Tuesday, January 1, 2019

#52familyhikes: What We Learned From Our Year of Adventures

Our family started 2018 with a challenge and three simple rules: Take 52 hikes, at least one mile each, all five of us together, no repeats. It seemed like a fun goal for our active, outdoorsy crew and a formal, if arbitrary, reason to get out and play. But it became so much more.

Our excursions took us from Charlotte nature preserves to the sandy dunes of Hammocks Beach State Park on the coast of North Carolina, from the peak of Mount Mitchell (the highest point on the East Coast) to the sedan-sized boulders of Devil's Marbleyard in Virginia, from the Blue Ridge Parkway to Mecklenburg County greenways. Every time we laced up our boots, we gained a precious and unanticipated gift of a bonding experience, an important life lesson or a poignant and lasting memory.

Here are some of the most compelling takeaways from our year of adventures:

We got to know each other better. Turns out Jeff can recall a remarkable number of silly old show tunes, which was especially handy when cranky hikers needed a distraction. More importantly, though, we all became more in tune with one another. During long hours on the trails and in the car, we came to better understand what makes each other laugh, and how to be gracious and supportive when one of us would just as soon cry. Being alone together in nature heightened our understanding and appreciation for the roles we play in our family.

We talked. About silly things. About current events. About our values, beliefs, hopes and dreams. We told jokes and asked questions. With only the whisper of wind in the trees, birdsong in the skies and our padding footsteps along the trail to interrupt us, we learned to fully engage in conversations.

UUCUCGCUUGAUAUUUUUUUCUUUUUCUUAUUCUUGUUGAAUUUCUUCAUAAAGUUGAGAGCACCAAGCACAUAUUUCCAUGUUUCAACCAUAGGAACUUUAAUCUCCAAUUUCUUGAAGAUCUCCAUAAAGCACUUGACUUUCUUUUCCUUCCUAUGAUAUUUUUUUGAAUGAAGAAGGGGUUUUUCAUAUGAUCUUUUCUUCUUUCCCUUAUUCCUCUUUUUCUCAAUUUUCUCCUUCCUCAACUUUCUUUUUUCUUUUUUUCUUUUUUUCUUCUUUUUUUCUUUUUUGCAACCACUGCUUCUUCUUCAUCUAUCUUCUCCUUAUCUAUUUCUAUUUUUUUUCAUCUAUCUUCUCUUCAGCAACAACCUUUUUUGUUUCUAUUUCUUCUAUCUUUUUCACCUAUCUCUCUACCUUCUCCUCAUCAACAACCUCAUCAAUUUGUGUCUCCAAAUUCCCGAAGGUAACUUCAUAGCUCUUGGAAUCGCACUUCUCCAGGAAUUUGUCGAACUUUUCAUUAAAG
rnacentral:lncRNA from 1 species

We gained a greater appreciation for our environment. We became nature savvy and more confident in the wild. We can all identify poison ivy and know how to tread carefully where snakes might be basking. We pause to marvel at wildlife, rather than blindly passing it by. We no longer take the environment for granted and we intentionally talk about things we can do to preserve and protect it.

We created lasting memories. We once rescued a 90-year-old man stranded on the Blue Ridge Parkway. Another time we encountered a rattlesnake thicker and longer than a baseball bat. We also survived a hike that will go down in infamy for its swampy terrain and swarming clouds of mosquitoes. Those are the stories we'll tell for years to come.

We laughed. Oh, the things that are funny after hours on a trail. We've all gotten really good at answering nature's call in the woods. We have a secret warning call for when fellow hikers are encroaching. And, yes, we use it more often than not to trick each other. It never gets old.

We got lost. And learned to be ok with it. Every time we finally found the trailhead after a long and winding drive or ended up taking a creative route back to the car on our hike, we gained confidence in handling the unexpected and unfamiliar.

We covered new ground. We saw how beautiful and dynamic our state is and learned to appreciate what's outside of our urban Charlotte bubble. We saw stunning views and discovered splendor in rural countrysides, shadowy valleys, expansive waterways and groomed city recreation areas.

And we reached our goal. In fact, we surpassed it. We finished the year with 68 hikes. That's 168.6 miles for each of us, a cumulative 843 miles covered. But of course we've found that what really matters can't be tallied. It’s the shared journey that means the most.

I'm not sure what our next challenge will be. Maybe we'll try to visit all the North Carolina state parks or tackle part of the Mountains-to-Sea Trail or explore more sections of the Carolina Thread Trail. I do know that what we set out to do will just be the beginning of the adventure.

Thanks for following our journey. Happy trails in 2019. May you embark on a challenge that brings unexpected gifts.

1 comment:

  1. What an incredible experience for you all! Thank you for sharing it and inspiring others to do the same.